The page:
Project manager Miika Rämä with Mr. Peya Hitula, the General Manager of fishing company Tunacor.

Interest on energy issues has been high, not least because of rising price of electricity: a 65 % increase on average during past 5 years for commercial and large power user consumers. In general, concerns on the electricity supply are currently a hot topic of public discussion.

The need for the capacity building on energy issues in the region is high. For example, the changes in electricity system operation and management due to increasing solar based electricity production would benefit from smart grid and electricity storage solutions. Currently, the country is moving towards a highly distributed electricity system with a significant number of relatively small scale power plants in development. Namibia’s fist photovoltaic power plant of 4.5 MW in capacity was inaugurated in 13th May 2015.

The Namibians also face the problem of evaluating which technology providers actually can guarantee reliable systems, and do not just try to sell their product for buyers with limited knowledge and experience on the technologies and their profitability. Thus capacity building by a neutral party such as VTT has been highly appreciated by the stakeholders met in the projects.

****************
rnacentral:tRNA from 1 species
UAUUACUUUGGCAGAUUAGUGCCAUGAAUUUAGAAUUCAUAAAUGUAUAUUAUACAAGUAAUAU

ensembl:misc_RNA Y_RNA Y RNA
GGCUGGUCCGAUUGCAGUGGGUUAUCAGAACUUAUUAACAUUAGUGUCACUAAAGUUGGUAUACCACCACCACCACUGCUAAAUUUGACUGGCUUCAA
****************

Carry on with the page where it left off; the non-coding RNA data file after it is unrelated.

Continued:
There is a lot of room for very important work in the region, and the expertise of VTT’s energy systems specialists can serve the Namibians for making better decisions for future sustainable energy system. This work can also contribute in tackling the challenge of climate change adaptation. Not perhaps by the scale of activities, but by setting an example that with given resources and careful planning a 100 % renewable electricity system is a realistic target.

Current project team (from the left): Kati Koponen and Miika Rämä from VTT, Nils Hauffe from NWV Market Discovery, Inc.

Kati Koponen, Research Scientist

Miika Rämä, Research Scientist

 

See also:

Research report: Development of Namibian energy
sector

The Energy and Environment Partnership (EEP)

International Renewable Energy Symposium (IRES) – NAMIBIA

Embassy of Finland in Windhoek